Tualatin senior Ethan Grimm has surpassed 190 feet in six of his nine meets this season. (Photo by Michael Williams)
Tualatin senior Ethan Grimm has surpassed 190 feet in six of his nine meets this season. (Photo by Michael Williams)

It took some twists of fate for Tualatin senior Ethan Grimm to find his niche.

First, an elbow injury during his sophomore fall baseball season led to him turning out for track and field the following spring.

“My plan was just to stay in shape so I could return to baseball,” he said. “I ended up recovering, but I couldn't go back to baseball because they already had tryouts.”

Then, a hamstring injury turned his focus away from the jumps and toward the javelin.

“I wasn't expecting to stick with it,” he said.

It turned out that Grimm, a pitcher in baseball, had a knack for the javelin. Now a senior, Grimm is the school record-holder and a two-time state placer. He owns the best mark in the state this season, throwing 196 feet, 8 inches.

As he prepares for a college career at Montana, the 6-foot, 190-pound Grimm has become a model of consistency. He has surpassed 190-0 in six of his nine meets this season, hinting that he is primed to take the next step sometime soon.

“I really like where I'm ranked, but I'm waiting for a bigger throw to happen,” he said. “I've been real consistent, but I know there's more in me that I haven't been able to find yet. That's what I'm hoping to figure out in this last week of practice before districts and state.”

In his two biggest meets this season, Grimm finished third in the Oregon Relays and second in the Nike/Jesuit Twilight Relays, throwing 187-5 ¼ and 193-7, respectively. The 200-foot barrier looms large for him.

“That's where my eyes have been set pretty much the whole season,” he said.

As a sophomore, Grimm was biding his time in the javelin, waiting for his hamstring to heal, when he made a stunning breakthrough at the end of the season. He won the Three Rivers League district meet with a throw of 155-6, improving his PR by more than 40 feet, and he hit 164-1 to take eighth in the 6A championships.

“Three weeks before that, he wasn't even in contention,” Tualatin coach Hashim Hall said. “It actually surprised all of us. Like, 'Oh my gosh, what's happening?'”

Grimm said everything clicked once his hamstring healed and he was able to use his legs more.

“I started throwing really far,” he said. “In the first practice where I really came back, I started throwing right up there with the top varsity throwers. I was kind of shocked how much farther it was once I was able to use my full body.”

Grimm set the school record in the first meet of his junior season by throwing 184-8, but on the same throw, he suffered a torn adductor and spent most of the season doing physical therapy. He came back to repeat as district champion (177-2) and finish third at the 6A meet (174-11 ½).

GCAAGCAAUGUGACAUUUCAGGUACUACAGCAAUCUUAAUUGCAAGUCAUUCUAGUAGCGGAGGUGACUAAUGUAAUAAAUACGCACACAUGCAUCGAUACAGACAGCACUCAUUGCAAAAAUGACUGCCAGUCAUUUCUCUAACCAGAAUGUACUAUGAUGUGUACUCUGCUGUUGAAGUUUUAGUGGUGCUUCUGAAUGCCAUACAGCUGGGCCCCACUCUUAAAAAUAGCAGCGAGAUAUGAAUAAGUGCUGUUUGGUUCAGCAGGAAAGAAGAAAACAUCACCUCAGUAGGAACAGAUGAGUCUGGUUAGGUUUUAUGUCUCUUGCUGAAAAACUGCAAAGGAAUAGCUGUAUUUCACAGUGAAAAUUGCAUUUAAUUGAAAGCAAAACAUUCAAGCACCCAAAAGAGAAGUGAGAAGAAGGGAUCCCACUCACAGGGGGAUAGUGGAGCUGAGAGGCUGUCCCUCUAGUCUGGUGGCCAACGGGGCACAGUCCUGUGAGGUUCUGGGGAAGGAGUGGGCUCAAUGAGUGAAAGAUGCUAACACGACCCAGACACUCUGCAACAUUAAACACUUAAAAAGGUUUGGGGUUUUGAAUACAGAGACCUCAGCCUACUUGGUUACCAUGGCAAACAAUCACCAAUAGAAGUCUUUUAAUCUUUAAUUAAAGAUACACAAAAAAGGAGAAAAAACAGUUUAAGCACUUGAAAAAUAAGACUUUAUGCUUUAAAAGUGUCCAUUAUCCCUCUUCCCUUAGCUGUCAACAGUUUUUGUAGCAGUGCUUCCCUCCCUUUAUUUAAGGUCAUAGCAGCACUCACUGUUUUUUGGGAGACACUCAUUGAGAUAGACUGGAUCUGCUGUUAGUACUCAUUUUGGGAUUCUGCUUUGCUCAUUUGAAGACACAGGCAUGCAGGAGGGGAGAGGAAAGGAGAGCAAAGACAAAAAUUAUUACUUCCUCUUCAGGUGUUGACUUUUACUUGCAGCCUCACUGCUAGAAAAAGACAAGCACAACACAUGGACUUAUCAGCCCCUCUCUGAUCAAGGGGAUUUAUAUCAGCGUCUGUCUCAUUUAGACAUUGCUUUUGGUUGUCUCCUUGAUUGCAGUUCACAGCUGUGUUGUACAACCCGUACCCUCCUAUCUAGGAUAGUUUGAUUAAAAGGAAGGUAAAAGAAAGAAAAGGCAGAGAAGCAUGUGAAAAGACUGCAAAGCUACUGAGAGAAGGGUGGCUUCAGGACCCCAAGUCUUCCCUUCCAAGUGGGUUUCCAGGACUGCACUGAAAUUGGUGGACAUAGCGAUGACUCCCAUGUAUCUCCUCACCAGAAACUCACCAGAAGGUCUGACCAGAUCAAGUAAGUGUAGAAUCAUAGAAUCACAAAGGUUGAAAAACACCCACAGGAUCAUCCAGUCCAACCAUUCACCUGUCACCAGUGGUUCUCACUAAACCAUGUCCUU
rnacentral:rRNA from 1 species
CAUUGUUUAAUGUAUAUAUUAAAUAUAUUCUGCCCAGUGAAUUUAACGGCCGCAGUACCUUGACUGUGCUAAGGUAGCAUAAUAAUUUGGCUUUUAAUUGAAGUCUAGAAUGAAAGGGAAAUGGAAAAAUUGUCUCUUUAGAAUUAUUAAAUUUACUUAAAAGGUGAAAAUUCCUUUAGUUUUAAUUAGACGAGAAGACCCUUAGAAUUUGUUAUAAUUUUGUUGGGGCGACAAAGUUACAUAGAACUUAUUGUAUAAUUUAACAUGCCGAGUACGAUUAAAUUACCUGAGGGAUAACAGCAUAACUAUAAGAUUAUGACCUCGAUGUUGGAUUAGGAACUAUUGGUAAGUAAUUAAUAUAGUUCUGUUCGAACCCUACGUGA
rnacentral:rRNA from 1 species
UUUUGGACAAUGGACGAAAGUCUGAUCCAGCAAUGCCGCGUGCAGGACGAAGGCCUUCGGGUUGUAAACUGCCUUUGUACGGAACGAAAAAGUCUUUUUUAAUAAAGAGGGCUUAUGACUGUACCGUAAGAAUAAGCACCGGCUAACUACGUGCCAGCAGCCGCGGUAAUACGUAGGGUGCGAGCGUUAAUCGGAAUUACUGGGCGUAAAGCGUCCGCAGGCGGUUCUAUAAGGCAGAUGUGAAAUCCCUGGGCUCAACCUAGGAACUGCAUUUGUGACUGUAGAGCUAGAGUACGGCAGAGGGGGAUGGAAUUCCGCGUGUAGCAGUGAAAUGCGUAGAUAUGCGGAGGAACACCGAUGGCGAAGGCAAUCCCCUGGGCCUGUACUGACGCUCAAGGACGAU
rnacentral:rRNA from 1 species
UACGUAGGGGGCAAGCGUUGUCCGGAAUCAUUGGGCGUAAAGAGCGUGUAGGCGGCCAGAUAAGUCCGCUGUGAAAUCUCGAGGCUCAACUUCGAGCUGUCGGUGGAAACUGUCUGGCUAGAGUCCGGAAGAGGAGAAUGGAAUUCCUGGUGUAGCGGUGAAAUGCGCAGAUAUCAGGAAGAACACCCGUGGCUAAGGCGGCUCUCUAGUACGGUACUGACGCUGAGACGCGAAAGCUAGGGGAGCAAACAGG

“I wasn't even 100 percent when I came back toward the end,” he said.

Grimm competed in six meets with the Super Thrower Track Club last June, winning the emerging elite division at Nike Outdoor Nationals (171-4 ¼) and recording a new PR of 186-7 ¾ to win a Junior Olympic regional meet. He placed fifth at Junior Olympic Nationals (181-3 ¼).

“I was really grateful to be able to compete during the summer,” he said.

Grimm was able to train throughout the offseason.

“He came in super motivated,” Hall said. “He changed his body, looked stronger, got a little more explosive on impact. Now what he's chasing is the ability to put it together on the big stage.”

Grimm credits Super Thrower coaches Scott Skipper and Mike Hieb with much of his development. Hieb threw 211-2 for Oregon City in 1988, ranking him No. 12 in state history.

“Scott really helped me develop the basics,” he said. “Mike has helped me more with fine-tuning. I can get good feedback and fix those little errors."

Grimm said his elbow hasn't been an issue for a couple years, but he deals with occasional hamstring and groin soreness. He credits a good stretching routine with being available for his meets this season.

“I've really been focused this year on staying healthy, so I haven't really done a full approach this whole year,” he said. “I'm just developing comfort with moving faster down the runway and making sure that that speed doesn't contribute to any pain or soreness.”

Grimm is excelling in an event typically dominated by bigger athletes.

“I walk up next to these guys that are like 6-3, 6-4, and they're just massive guys,” he said.

Grimm recalled how the throwers were comparing their bench-press maxes at last year's district meet. Many of them were pushing 300, and Grimm revealed that his was around 200.

“When I said that, they were kind of shocked,” he said. “They were like, 'How do you throw so far?' It's not necessarily all about lifting. I think it's the quickness down the runway, it's the throwing strength that translated from baseball. And it's explosiveness as an athlete, rather than just being able to move weight statically.”

To win a 6A title, Grimm likely will have to deal with Sherwood senior Drew Smith (194-11 PR), who finished ahead of him at the Oregon Relays and Nike/Jesuit Twilight Relays. A state championship would be nice, Grimm said, but it's not his top priority.

“I'm more focused on hitting that 200 mark,” he said. “That's been my goal for the last two years now. Sometimes I've gotten a little bit impatient waiting for it.”